I got home and after putting things away, I grabbed my newly acquired drink and a snack. The Citrus Prickly Pear Fuze was quite tasty. It was really refreshing as well. But then there was an aftertaste. I kept tasting the essence of apple juice a few minutes after taking a sip. I looked at the ingredients to see if there was apple juice in it. I know many juice cocktails or fruit drinks will use several different kinds of fruit juices aside from the main flavors as fillers or sweetners as to avoid added sugar. Sure enough, there was apple juice in the ingredient list. But I kept reading out of curiosity. My fears were confirmed. The only thing citrus about the drink was citric acid. There was nothing remotely prickly pear mentioned at all. After a discussion of this matter with some friends, we concluded that it's possible the vague ingredient(s) of "natural flavors" could be the extract of these fruits. Regardless of that, I'm extremely annoyed. Basically, I paid $1.50 for some apple juice with chemicals and additives. I'm not impressed at all. I would have rather it all just been artificial flavorings and tons of sugar. This is such a scam. I guess this is what we can expect from large corporations, sadly.

I feel like I've been lied to. If you're going to call something Citrus Prickly Pear, why not actually use those ingredients? Yes it would cost more. But I think it would be more satisfying to actually taste those things instead of some funky apple juice. I wouldn't put an apple crisp on a menu and serve you pineapple spears when you ordered the apple crisp.

This will teach me to not read labels before buying something. READ THE LABELS ON THE PRODUCTS YOU'RE BUYING, PEOPLE! Don't make the same mistake I did.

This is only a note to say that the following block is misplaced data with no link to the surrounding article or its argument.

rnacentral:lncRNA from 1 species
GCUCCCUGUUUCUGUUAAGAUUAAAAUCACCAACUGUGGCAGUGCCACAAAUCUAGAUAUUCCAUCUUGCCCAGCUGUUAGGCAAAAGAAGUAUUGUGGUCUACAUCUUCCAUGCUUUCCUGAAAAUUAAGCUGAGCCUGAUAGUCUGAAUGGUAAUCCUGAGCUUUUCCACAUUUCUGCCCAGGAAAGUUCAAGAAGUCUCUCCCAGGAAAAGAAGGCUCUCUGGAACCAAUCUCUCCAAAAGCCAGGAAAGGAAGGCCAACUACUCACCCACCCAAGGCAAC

Friday, May 7, 2010

Delicious adventures in cheesecake!

Momma's birthday was on the 5th of May. And mother's day is coming up this weekend. I wanted to make her a cake of some sort. But apparently so did everyone else. One of her co-workers is making her a tasty birthday cake of some sort. Honestly, I can't remember what kind of cake it's supposed to be, but Momma seemed to be very excited about it. Regardless, I'm the cook/baker around here that hasn't been doing much baking as of late. This was a great excuse to change that. I suggested a few kinds of cakes that I could make, including her favorite carrot cake, but when I said, "ricotta cheesecake" I had her attention.

I've made something similar in the past with my own tweaks, of course. They were mini cheesecakes made in muffin tins. They were delicious, but I needed to find a recipe that would fit my needs a bit better. I've seen a few Food Network personalities make a ricotta cheesecake, so that was the first place on the Internet I searched. I found a recipe by Giada DeLaurentiis that interested me. I figured out how I was going to change it and add my own twist to it, then set off for the grocery store.